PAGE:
Mexican filmmaker Carlos Reyegadas is a darling of the arthouse and festival circuits, but largely underwatched otherwise beyond aficionados who swear by him – and his Post Tenebras Lux provides for a pertinent elucidation of this dichotomy. A fascinating but intriguing mix of ravishing visuals and compelling ingenuity on one hand, and deliberately opaque and even weird narrative elements and developments on the other, including moments of funny but puzzling surrealistic choices, this is therefore a film that’s bound to both enthrall and exasperate. It begins with an ethereal overture where a little girl (played by the director’s own daughter) is shown in a state of tranquil marvel at the meadows surrounded by cows, horses and dogs. She, as it turns out, is the youngest kid (her elder sibling is played by Reyegadas’ son) of an upscale couple with conjugal issues – the abrasive Juan (Adolfo Jimenez Castro) and his stunning but submissive wife Natalia (Nathalia Acevedo) – residing at pricey cabin in the woods. There, at an AA meeting at a rundown shack where he reveals his addiction to pornography, he gets acquainted with an impoverished local worker (Willebaldo Torres) with a self-destructed past, and which in turn paves way for violent fates for both, including the most spectacularly ferocious suicide imaginable. Class conflict and marital differences were therefore the two dominant themes, and a number of cinematic nods were discernible too. Influences of Tarkovsky and Malick were palpable, as were potential references to Kubrick’s Eyes Wide Shut in terms of a gleeful orgy, and perhaps also to Lynchian outré, be it in the form of a mysteriously glowing Satan or inexplicable plot interjections or the above-mentioned self-inflicted coup de grâce.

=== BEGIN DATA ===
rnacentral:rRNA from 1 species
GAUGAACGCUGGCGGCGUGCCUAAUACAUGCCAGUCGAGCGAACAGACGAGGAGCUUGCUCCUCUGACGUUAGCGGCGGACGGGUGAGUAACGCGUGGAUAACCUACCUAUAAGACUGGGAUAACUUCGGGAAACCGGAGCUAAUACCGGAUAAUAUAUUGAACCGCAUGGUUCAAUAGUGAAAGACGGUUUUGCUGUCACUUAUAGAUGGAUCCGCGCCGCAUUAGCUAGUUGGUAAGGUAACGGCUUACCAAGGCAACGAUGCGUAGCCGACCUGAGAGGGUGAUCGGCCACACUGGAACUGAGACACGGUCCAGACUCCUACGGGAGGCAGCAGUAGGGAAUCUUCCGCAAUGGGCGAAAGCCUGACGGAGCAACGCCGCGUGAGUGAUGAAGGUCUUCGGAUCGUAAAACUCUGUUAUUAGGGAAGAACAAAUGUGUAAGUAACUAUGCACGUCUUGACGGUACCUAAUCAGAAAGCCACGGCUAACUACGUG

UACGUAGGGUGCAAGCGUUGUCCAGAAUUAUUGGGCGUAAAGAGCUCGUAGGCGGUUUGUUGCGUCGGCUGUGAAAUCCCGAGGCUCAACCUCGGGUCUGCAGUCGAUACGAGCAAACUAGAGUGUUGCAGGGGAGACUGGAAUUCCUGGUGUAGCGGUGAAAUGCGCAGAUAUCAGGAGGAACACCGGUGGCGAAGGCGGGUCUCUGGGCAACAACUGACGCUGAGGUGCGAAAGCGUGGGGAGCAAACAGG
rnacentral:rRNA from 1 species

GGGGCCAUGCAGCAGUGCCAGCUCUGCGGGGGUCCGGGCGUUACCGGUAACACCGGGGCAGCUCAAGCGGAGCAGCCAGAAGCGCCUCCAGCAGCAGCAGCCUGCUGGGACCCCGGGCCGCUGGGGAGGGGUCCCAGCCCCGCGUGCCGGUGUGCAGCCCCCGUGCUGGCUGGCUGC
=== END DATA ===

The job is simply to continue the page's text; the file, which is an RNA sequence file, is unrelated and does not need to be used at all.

Director: Carlos Reyegadas
Genre: Drama/Marriage Drama/Surreal Drama/Experimental Film